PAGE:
Of course, this is not to say these are the only possibilities. In general the position of the tomb near a spring isn't a terribly helpful identifier, as it seems this is reasonably common. Jones* (p.14,26 and throughout) quotes a large number of tumuli and uncovered dolmen near springs regarded, at least in later periods, as holy, and gives references and examples suggesting springs were sacred prior to the christian period. This is also commented on by Field* (see also this Note on the age of Wormelow Tump; it is not apparent what level of statistical investigation has been completed on this relationship).

While the name "Gamber Head" is indicative (see Note), even within the area around the spring there is another village called Turkey Tump, suggesting an alternative site (in fact it is not a great deal further from the Spring than Wormelow Tump). However, no map shows a tumulus there (though there is a late chapel), and it is not clear whether the term "Tump" also applies locally to features which are apparently natural - either because it is an appropriate name for them, or because of a mis-identification of such natural features as the burial mounds of heros (for example Coles Tump (Visit Details) is a natural feature, the naming of which may be relatively late*, however, the "Tump" part of the name may be mythological, or, indeed, synecdochic as there are earthwork features on the summit* that might be (mis?)interpreted as burial mounds).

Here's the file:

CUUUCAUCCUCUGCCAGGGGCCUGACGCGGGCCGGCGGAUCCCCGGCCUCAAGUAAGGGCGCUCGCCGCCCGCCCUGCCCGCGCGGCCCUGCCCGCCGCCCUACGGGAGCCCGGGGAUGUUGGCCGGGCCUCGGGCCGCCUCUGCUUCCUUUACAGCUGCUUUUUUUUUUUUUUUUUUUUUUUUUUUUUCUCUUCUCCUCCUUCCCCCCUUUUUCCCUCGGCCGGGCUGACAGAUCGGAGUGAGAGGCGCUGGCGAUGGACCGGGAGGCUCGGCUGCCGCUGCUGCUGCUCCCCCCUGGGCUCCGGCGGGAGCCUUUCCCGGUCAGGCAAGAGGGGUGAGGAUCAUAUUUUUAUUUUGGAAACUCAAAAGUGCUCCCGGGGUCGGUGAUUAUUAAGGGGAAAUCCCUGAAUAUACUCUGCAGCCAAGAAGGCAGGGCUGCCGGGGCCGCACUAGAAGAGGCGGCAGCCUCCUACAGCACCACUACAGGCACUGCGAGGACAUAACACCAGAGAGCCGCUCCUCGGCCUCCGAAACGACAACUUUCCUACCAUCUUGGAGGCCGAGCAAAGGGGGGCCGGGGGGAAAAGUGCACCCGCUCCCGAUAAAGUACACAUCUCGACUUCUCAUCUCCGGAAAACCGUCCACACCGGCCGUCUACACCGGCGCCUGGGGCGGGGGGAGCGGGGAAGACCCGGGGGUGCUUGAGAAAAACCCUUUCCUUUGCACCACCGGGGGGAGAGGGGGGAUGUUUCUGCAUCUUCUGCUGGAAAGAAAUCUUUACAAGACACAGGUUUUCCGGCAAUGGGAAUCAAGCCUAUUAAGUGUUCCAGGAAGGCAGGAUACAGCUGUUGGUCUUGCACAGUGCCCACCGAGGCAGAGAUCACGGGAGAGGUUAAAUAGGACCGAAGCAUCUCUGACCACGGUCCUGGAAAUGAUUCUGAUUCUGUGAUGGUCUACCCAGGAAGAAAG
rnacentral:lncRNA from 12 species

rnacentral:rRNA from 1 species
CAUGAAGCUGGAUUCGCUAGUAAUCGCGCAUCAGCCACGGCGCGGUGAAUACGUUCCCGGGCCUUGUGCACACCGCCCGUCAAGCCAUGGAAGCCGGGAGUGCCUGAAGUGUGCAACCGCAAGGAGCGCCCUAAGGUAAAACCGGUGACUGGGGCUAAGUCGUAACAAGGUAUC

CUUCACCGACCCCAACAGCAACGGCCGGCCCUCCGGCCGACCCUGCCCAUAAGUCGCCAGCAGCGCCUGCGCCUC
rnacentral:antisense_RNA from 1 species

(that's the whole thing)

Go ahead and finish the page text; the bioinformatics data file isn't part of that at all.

A very strong third contender must be the Tump at St.Weonards (Visit Details). While current O.S. maps show this as a motte (castle mound), older maps mark it as "Tumulus" or "Tump". It is, in fact, a large burial mound reused as a motte - it was opened in 1855 and two burnt burials found*. The original mound was remodelled and reused as one of a series of (Saxon?) defensive mounds spread along the border. Generally such mounds finished up 100-200 foot round and 30-35 foot high*. The mound at St.Weonards is currently ~45 yds (41m) in diameter and 14.5 feet high (4.4m)*. The mound lies pretty much between the two most likely sites. Although the name sounds Saxon and isn't in the Domesday Book, which might suggest this could be hiding a lost Welsh name like Landmore (see Note), it may be derived from the Welsh St.Gwennarth*.

Finally, the 1:2500 1st Edition O.S. map for Gamber Head shows something that may be a mound some 70 metres or so west of the spring on the other side of the road.